An exploded diagram can be found on Hope's website.
- cassette lock ring tool & suitable spanner
- flat bladed screwdrivers
- soft faced hammer or mallett
- drifts (or improvise with old bolts, sockets etc)
- circlip pliers
1. Remove the wheel from the bike. Remove the quick release skewer from the axle. Using a chain whip to stop the cassette turning, undo the cassette lockring with a suitable lockring tool and spanner. Remove the cassette from the freehub.
2. Prise off the drive side spacer. If it is difficult to remove try two flat bladed screwdrivers opposite each other to lever it off. The spacer is made of alloy so be careful not to damage it. Remove the non drive side (coloured) spacer.
3. Pull the freehub off (a bit of gentle leverage from a screwdriver may be needed). Be careful that you don't loose any of the three pawls and springs - they might come out with the freehub or stay in the hub. Remove the internal spacer from behind the freehub.
4. Using a soft faced hammer or mallett tap the axle from the drive side. This should push the non drive side bearing out of the hub. Support the hub so that it is not damaged during this. I just use a couple of bits of wood to do this.
5. Turn the wheel over and drift out the drive side bearing. An old socket of the right size to fit in the hub does the job if you don't have the proper tool.
6. Drift out the outer bearing from the freehub. If you don't have the proper tool you can improvise as I have here! Work your way around the bearing slowly until it comes out.
Note: whacking bearings may knacker them! alternative methods for removing them can often be worked out using a g-clamp or vice combined with suitable bits of metal and wood.
7. Take out the internal spacer. Remove the circlip holding in the inner freehub bearing. Drift out the inner bearing too.
8. Decide whether or not you are going to replace or regrease the bearings. In this case I am regreasing them. To do so: prise the seals off with a stanley knife, clean the bearings up (use a degreaser if necessary) and squirt in plenty of grease. Push the seals back on. The bearings are standard 6001 and are about a fiver each if you need to replace them.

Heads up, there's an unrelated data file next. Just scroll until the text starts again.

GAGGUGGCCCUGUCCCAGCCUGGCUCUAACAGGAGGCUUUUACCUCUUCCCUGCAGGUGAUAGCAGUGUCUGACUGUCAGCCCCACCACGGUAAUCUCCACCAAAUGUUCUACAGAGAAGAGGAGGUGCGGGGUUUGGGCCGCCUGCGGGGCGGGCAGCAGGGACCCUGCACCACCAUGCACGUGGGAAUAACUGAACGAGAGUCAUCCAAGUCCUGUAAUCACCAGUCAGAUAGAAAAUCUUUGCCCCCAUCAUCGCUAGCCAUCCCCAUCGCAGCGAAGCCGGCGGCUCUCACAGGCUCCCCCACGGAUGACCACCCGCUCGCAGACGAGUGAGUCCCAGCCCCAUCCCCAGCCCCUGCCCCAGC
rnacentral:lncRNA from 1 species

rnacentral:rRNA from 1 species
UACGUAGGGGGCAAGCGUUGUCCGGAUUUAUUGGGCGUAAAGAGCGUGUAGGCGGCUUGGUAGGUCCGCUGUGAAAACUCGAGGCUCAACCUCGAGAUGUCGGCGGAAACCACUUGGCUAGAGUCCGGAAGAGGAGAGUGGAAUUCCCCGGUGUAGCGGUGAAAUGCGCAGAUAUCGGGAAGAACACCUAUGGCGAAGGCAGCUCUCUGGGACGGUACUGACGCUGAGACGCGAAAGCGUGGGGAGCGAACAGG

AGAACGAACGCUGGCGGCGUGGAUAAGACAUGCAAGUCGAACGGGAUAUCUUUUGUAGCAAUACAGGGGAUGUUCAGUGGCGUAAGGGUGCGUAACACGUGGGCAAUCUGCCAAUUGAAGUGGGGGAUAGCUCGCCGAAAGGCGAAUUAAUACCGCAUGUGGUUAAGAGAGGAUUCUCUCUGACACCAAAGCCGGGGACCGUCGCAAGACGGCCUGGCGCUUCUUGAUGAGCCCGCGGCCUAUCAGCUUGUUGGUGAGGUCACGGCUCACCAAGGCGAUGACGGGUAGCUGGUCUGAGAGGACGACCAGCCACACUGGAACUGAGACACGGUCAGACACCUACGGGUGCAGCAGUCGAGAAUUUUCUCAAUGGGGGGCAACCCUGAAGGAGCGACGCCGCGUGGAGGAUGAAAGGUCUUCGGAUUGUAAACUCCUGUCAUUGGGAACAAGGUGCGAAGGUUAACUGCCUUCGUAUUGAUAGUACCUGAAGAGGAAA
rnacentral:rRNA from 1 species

9. You should now have all these bits ready to reassemble! Basically, it's just the reverse of taking it apart.
10. Drift the inner bearing into the freehub. Replace the circlip and put a little grease on it. Insert the internal spacer and drift in the outer bearing. Make sure the spacer imbetween the bearings is just free to move.
11. Insert the drive side bearing into the hub. It will be a tight fit. Insert the axle from the non drive side. It might require a gentle tap with a soft faced hammer to get it into the drive side bearing which is also a tight fit.
12. Insert the non drive side bearing. I found a spark plug socket gave clearance over the axle to drift it in.
13. Insert the internal spacer into the drive side of the hub. Put a blob of grease on each of the holes in the freehub that the pawls fit into. Insert the pawls and springs. The grease should hold everything together. Holding the pawls in with your fingers slide the freehub into place. I have read many tips about using elastic bands etc to hold the pawls in but they are not really needed as long as you have at least three fingers and a thumb on one hand! Make sure everything is spinning freely.
14. Push both spacers back on to the ends of the axle. Refit the cassette (you don't need the chain whip to do this). Reinsert the skewer (I like to put a drop of lube on it first). Put the wheel back on the bike.